The pocket-sized version of Allen Craig‘s player profile is this: third baseman drafted out of college, has hit for good average and power at every stop and the only question mark is whether his defense is good enough at third base to play in the majors. Hmmm… that sounds familiar for some reason.
At a high level, comparisons to Brett Wallace do make a lot of sense. Both played in the Pac-10 (although Craig played all over the field during his college career, including LF, 1B, SS and 3B) and both are much more highly regarded for their bat than their glove. The superficial differences between the two are that Wallace bats lefthanded while Craig bats righthanded, Wallace weighs about 45 pounds more than Craig and Wallace is two years younger than Craig.
The consensus is that Brett Wallace is a future major leaguer and probably a well-above average offensive major leaguer. If Allen Craig is Wallace-lite (both literally and figuratively), what kind of value does Craig bring to the Cardinals organization?
Craig played High School ball in California (also like Brett Wallace) and then went to Cal, where he played for four years. In his four years at Cal he improved every season, capping off his college career with a .344/.403/.561 line his senior season which also included eleven home runs in 221 at bats. If you want to be picky, the only negative that you could point out is that he only walked in about 6% of his plate appearances, but it’s tough to quibble with a lack of walks when he was mashing everything thrown to him. Meanwhile he was striking out in about 10% of his plate appearances, which is an acceptable amount for a guy with his power profile.
Still, when it came time for the 2006 draft, Craig was not taken until the eighth round. He was listed as a shortstop when taken and Baseball America said at the time that he had “an injury-riddled career at California” and that he was “an offensive player without a defined position.” According to the Cal baseball website, he was injured in a collision at first base during his Freshman year of college and missed 17 games with an injury to his hand and wrist, but I couldn’t find any other mention of injuries and he seemed to play in almost all of Cal’s games during the rest of his career. Whatever the reason, whether injury concerns or positional concerns, the Cardinals appear to have gotten a steal in the eighth round.
In his professional debut, Craig’s numbers were down from the levels he set in college, but they were respectable nonetheless. In 48 games in the New York-Penn League he put up a line of .257/.325/.400 with four homeruns. The next season, however, he was back to his old self, tearing up pitching while playing for Palm Springs and putting up a line of .312/.370/.530 with 21 homeruns. Craig’s walk rate had improved since college, as well, taking the base on balls in 7.5% of his plate appearances (although he was striking out at a higher clip as well: 16.9% of the time). His performance earned him a seven game call up to Springfield at the end of the season and he made the most of it by hitting three homeruns.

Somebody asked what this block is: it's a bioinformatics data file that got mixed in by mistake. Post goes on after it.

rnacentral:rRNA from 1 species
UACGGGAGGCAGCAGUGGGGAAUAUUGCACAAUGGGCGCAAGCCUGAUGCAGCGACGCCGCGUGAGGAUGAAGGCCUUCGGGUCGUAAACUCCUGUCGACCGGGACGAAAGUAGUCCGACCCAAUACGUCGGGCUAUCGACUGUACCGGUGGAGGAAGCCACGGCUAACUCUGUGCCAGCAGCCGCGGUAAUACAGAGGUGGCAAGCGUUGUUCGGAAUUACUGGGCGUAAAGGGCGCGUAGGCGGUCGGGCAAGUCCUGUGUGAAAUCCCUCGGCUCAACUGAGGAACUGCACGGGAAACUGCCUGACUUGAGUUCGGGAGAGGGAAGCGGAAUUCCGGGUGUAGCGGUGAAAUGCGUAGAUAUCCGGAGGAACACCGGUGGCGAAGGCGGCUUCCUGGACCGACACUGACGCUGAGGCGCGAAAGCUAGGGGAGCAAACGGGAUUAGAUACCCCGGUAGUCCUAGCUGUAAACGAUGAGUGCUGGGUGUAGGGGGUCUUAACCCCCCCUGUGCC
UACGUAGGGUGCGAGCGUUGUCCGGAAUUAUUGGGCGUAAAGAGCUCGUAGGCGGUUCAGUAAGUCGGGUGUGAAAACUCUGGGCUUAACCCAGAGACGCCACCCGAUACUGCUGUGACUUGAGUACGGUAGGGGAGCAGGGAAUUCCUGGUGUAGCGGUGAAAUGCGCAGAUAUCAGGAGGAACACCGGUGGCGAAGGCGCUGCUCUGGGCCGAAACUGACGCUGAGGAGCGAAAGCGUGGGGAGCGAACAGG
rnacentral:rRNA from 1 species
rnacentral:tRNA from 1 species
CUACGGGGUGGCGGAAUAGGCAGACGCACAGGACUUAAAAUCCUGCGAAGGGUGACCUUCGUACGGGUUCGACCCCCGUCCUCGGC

Despite his offensive success in 2007, the Cardinals were unsure about Craig’s future. He had committed 18 errors at third base, which was cause for concern. That offseason, the Cardinals further complicated Craig’s future by trading Jim Edmonds to the Padres for prospect David Freese. Freese promptly jumped over Craig on the depth chart, skipping Springfield and starting 2008 in Memphis while Craig spent the year in Springfield.
Another complication that added to the backlog at the hot corner was that the Cardinals then went and drafted Wallace with their first round pick in June. Wallace was fast-tracked and was playing alongside Craig at Springfield by the end of the season.
But, in the face of seeming lack of faith in him, Craig continued to hit throughout 2008. He put up a .304/.374/.494 line with 22 homeruns in Springfield and increased his walk rate to 8.5%. According to the Baseball Prospectus, Craig’s peak translations (what he is likely to do in his peak years based on statistical extrapolation) is this: .284/.348/.472. The OPS of 820 that would represent would be 10th among third basemen at the major league level last season.
The question, of couse, has never really been about Craig’s bat, though. He followed up his 18 error performance in 2007 with 17 more in 2008. The Cardinals periodically played Craig in leftfield throughout the year and he did not make an error (or record an assist) in his 17 games patrolling the outfield. As an outfielder his OPS isn’t quite as impressive, as he would have been 40th in the league last season (although that still puts him in the top half of starting outfielders).
So, to answer the question posed above, the value Craig adds to the organization is a guy that projects to be a very solid major league bat – I’m thinking that Josh Willingham might be a good comp. Whether Craig becomes trade bait because of the backlog at third base or the Cardinals hold onto him and use him at third or left field, the Cardinals should receive a good return on their eighth round pick.
[Note: for more on Craig in his own words, check out Erik's great interview with him from earlier this year]